5. A radial tire for aircraft according to claim 1, wherein said organic fibers are selected from the group consisting of nylon, polyester, and aramid fibers.
Description
BACKGROUND OF THE INVENTION

1. Field of the Invention

The present invention relates to a radial tire for aircraft.

2. Description of the Related Art

Tires for aircraft are required to have sufficient durability to withstand high-speed and heavy loads since they are subjected to a large impact (fall) at high speed at the time of the take-off and landing of the aircraft. In addition, since present-day aircraft frequently taxi a relatively long distance in airports, tires for aircraft are required to have high performance in terms of both durability and traveling performance during taxiing in the same way as tires used for general vehicles.

For this reason, it has been conceived to use radial tires as aircraft tires by taking into consideration various performances such as wear resistance, heat resistance, and fatigue resistance against repeated loads, as well as various conditions such as weight and cost.

Under conditions of use in which a large strain takes place in tires such as aircraft tires, it is known that a portion of the tire abutting against a rim flange is liable to undergo friction by the rim flange and become worn. This phenomenon is liable to occur more frequently in the case of radial tires than in the case of conventional bias-ply tires.

As a means for overcoming the wear of the abutting portion caused by the rim flange in the case of radial tires, a method generally adopted is to reinforce a portion of the carcass located close to the rim flange. In accordance with this method, the weight of the tires increases, so that it is not a desirable method for aircraft tires that are required to be reduced in weight.

In addition, with the tires having a carcass including an up carcass layer and a down carcass layer, since the up carcass layer is wound around a bead core from inside towards outside and the down carcass layer is wound around the bead core from outside towards inside, this structure is effective in preventing the carcass layers from being pulled off for the tires used under high inflation pressure. However, with the tires of a type having a carcass with this structure, carcass-reinforcing cords are likely to undergo fatigue in the vicinity of the bead portion.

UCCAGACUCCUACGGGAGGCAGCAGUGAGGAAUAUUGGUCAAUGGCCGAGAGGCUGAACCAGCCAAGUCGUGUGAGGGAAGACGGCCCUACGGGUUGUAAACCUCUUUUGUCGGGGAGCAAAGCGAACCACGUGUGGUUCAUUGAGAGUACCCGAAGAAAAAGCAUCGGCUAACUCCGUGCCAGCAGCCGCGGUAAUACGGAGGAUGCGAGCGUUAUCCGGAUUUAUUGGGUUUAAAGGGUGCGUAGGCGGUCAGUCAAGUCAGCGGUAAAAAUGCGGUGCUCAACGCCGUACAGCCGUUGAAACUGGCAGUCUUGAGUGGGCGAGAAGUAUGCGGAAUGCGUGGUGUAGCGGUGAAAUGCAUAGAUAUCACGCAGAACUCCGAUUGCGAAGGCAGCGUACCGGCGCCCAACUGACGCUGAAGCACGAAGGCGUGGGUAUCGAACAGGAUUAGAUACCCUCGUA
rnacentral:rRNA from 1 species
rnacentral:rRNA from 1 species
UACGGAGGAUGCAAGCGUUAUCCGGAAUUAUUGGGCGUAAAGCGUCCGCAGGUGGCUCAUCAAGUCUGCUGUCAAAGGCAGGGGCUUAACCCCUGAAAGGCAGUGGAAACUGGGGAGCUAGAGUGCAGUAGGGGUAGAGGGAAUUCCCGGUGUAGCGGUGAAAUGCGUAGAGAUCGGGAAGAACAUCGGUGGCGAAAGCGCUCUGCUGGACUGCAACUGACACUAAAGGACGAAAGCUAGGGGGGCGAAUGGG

SUMMARY OF THE INVENTION

Accordingly, an object of the present invention is to provide a radial tire for aircraft which makes it possible to overcome wear of surface rubber in the vicinity of a rim flange caused by chafing with flange of the rim, without increasing the weight of the tire.

Another object of the present invention is to provide a radial tire for aircraft which effectively prevents the fatigue of carcass cords in the vicinity of bead portion of tire having an arrangement of the up and down carcass layers.

To these ends, in accordance with the present invention, there is provided a radial tire for aircraft comprising: at least one up carcass layer having organic fibers and being wound around a bead core from inside towards outside; and at least one down carcass layer having organic fibers and being wound around the bead core from outside towards inside over the wound portion of the up carcass layer, wherein the up carcass layer is formed into a rectilinear configuration radially from a position in which the up carcass layer is wound around the bead core, in a cross section taken radially of an axis of rotation of the tire, in a static state in which the inflation pressure of the tire corresponds to 5% or less of a nominal inflation pressure of the tire; and wherein a percentage derived by dividing radial height of the up carcass layer, from the tire rim to the end of a rectilinear portion of the up carcass layer extending from the tire rim by the radial height of a tire section is set to a range which is not less than a percentage value calculated by dividing the ratio of the nominal width of the rim to the nominal width of the tire by 4 and adding 10 percentage points thereto, and which is not more than a percentage value which is calculated by dividing the ratio of the nominal width of the rim by the nominal width of the tire by 4 and adding 20 percentage points thereto.